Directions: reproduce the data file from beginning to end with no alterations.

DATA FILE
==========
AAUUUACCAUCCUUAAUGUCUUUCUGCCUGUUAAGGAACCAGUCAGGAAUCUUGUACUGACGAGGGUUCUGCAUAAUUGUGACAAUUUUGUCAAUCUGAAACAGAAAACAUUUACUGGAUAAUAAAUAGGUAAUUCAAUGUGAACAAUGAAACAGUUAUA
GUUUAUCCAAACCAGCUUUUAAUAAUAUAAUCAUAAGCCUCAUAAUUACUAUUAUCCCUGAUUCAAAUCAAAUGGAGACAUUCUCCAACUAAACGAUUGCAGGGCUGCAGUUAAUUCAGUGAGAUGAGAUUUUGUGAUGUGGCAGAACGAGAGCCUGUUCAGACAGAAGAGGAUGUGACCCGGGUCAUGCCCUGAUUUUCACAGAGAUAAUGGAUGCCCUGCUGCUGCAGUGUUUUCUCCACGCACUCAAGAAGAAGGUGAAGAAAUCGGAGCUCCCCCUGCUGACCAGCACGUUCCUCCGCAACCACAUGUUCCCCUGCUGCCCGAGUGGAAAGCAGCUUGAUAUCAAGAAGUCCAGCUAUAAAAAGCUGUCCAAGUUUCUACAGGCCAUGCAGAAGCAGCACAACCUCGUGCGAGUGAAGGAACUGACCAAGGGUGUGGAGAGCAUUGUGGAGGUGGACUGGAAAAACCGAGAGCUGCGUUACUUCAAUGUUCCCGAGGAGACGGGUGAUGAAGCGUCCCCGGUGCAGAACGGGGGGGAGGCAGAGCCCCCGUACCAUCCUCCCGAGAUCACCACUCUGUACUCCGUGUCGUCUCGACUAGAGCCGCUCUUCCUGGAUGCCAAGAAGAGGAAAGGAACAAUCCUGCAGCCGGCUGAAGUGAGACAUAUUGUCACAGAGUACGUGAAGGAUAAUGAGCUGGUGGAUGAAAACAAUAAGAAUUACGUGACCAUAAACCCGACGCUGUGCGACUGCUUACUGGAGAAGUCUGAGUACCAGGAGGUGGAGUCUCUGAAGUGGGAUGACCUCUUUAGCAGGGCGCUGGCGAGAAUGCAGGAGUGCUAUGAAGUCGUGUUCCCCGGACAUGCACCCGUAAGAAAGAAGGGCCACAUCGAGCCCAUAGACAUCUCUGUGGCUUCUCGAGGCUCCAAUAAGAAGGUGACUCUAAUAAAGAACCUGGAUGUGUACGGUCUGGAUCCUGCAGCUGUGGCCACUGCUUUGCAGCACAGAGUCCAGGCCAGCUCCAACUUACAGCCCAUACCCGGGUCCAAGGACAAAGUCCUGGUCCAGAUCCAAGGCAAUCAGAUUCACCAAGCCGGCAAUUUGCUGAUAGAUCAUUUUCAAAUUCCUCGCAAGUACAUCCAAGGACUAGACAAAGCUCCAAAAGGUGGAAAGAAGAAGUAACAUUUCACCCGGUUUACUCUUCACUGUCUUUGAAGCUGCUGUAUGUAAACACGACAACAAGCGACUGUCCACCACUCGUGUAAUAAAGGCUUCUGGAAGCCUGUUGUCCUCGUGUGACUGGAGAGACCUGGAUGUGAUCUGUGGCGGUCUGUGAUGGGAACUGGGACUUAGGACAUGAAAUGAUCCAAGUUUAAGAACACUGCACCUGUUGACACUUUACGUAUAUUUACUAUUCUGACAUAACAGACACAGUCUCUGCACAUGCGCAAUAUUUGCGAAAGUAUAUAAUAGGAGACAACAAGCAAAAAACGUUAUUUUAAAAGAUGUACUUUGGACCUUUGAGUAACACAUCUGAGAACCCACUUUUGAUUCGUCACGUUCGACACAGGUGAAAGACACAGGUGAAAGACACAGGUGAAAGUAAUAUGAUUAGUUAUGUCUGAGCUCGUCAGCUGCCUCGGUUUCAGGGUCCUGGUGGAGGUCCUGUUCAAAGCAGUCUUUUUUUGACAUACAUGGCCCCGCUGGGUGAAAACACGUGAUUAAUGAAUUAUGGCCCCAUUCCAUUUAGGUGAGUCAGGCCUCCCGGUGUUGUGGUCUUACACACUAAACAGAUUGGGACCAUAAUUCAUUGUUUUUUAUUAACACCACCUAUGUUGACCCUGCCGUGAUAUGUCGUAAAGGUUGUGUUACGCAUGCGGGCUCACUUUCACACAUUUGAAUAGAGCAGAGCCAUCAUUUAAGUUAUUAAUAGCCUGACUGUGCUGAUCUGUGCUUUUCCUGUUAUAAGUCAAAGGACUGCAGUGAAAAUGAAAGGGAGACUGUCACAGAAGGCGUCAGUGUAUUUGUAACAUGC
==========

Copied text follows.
AAUUUACCAUCCUUAAUGUCUUUCUGCCUGUUAAGGAACCAGUCAGGAAUCUUGUACUGACGAGGGUUCUGCAUAAUUGUGACAAUUUUGUCAAUCUGAAACAGAAAACAUUUACUGGAUAAUAAAUAGGUAAUUCAAUGUGAACAAUGAAACAGUUAUA
GUUUAUCCAAACCAGCUUUUAAUAAUAUAAUCAUAAGCCUCAUAAUUACUAUUAUCCCUGAUUCAAAUCAAAUGGAGACAUUCUCCAACUAAACGAUUGCAGGGCUGCAGUUAAUUCAGUGAGAUGAGAUUUUGUGAUGUGGCAGAACGAGAGCCUGUUCAGACAGAAGAGGAUGUGACCCGGGUCAUGCCCUGAUUUUCACAGAGAUAAUGGAUGCCCUGCUGCUGCAGUGUUUUCUCCACGCACUCAAGAAGAAGGUGAAGAAAUCGGAGCUCCCCCUGCUGACCAGCACGUUCCUCCGCAACCACAUGUUCCCCUGCUGCCCGAGUGGAAAGCAGCUUGAUAUCAAGAAGUCCAGCUAUAAAAAGCUGUCCAAGUUUCUACAGGCCAUGCAGAAGCAGCACAACCUCGUGCGAGUGAAGGAACUGACCAAGGGUGUGGAGAGCAUUGUGGAGGUGGACUGGAAAAACCGAGAGCUGCGUUACUUCAAUGUUCCCGAGGAGACGGGUGAUGAAGCGUCCCCGGUGCAGAACGGGGGGGAGGCAGAGCCCCCGUACCAUCCUCCCGAGAUCACCACUCUGUACUCCGUGUCGUCUCGACUAGAGCCGCUCUUCCUGGAUGCCAAGAAGAGGAAAGGAACAAUCCUGCAGCCGGCUGAAGUGAGACAUAUUGUCACAGAGUACGUGAAGGAUAAUGAGCUGGUGGAUGAAAACAAUAAGAAUUACGUGACCAUAAACCCGACGCUGUGCGACUGCUUACUGGAGAAGUCUGAGUACCAGGAGGUGGAGUCUCUGAAGUGGGAUGACCUCUUUAGCAGGGCGCUGGCGAGAAUGCAGGAGUGCUAUGAAGUCGUGUUCCCCGGACAUGCACCCGUAAGAAAGAAGGGCCACAUCGAGCCCAUAGACAUCUCUGUGGCUUCUCGAGGCUCCAAUAAGAAGGUGACUCUAAUAAAGAACCUGGAUGUGUACGGUCUGGAUCCUGCAGCUGUGGCCACUGCUUUGCAGCACAGAGUCCAGGCCAGCUCCAACUUACAGCCCAUACCCGGGUCCAAGGACAAAGUCCUGGUCCAGAUCCAAGGCAAUCAGAUUCACCAAGCCGGCAAUUUGCUGAUAGAUCAUUUUCAAAUUCCUCGCAAGUACAUCCAAGGACUAGACAAAGCUCCAAAAGGUGGAAAGAAGAAGUAACAUUUCACCCGGUUUACUCUUCACUGUCUUUGAAGCUGCUGUAUGUAAACACGACAACAAGCGACUGUCCACCACUCGUGUAAUAAAGGCUUCUGGAAGCCUGUUGUCCUCGUGUGACUGGAGAGACCUGGAUGUGAUCUGUGGCGGUCUGUGAUGGGAACUGGGACUUAGGACAUGAAAUGAUCCAAGUUUAAGAACACUGCACCUGUUGACACUUUACGUAUAUUUACUAUUCUGACAUAACAGACACAGUCUCUGCACAUGCGCAAUAUUUGCGAAAGUAUAUAAUAGGAGACAACAAGCAAAAAACGUUAUUUUAAAAGAUGUACUUUGGACCUUUGAGUAACACAUCUGAGAACCCACUUUUGAUUCGUCACGUUCGACACAGGUGAAAGACACAGGUGAAAGACACAGGUGAAAGUAAUAUGAUUAGUUAUGUCUGAGCUCGUCAGCUGCCUCGGUUUCAGGGUCCUGGUGGAGGUCCUGUUCAAAGCAGUCUUUUUUUGACAUACAUGGCCCCGCUGGGUGAAAACACGUGAUUAAUGAAUUAUGGCCCCAUUCCAUUUAGGUGAGUCAGGCCUCCCGGUGUUGUGGUCUUACACACUAAACAGAUUGGGACCAUAAUUCAUUGUUUUUUAUUAACACCACCUAUGUUGACCCUGCCGUGAUAUGUCGUAAAGGUUGUGUUACGCAUGCGGGCUCACUUUCACACAUUUGAAUAGAGCAGAGCCAUCAUUUAAGUUAUUAAUAGCCUGACUGUGCUGAUCUGUGCUUUUCCUGUUAUAAGUCAAAGGACUGCAGUGAAAAUGAAAGGGAGACUGUCACAGAAGGCGUCAGUGUAUUUGUAACAUGC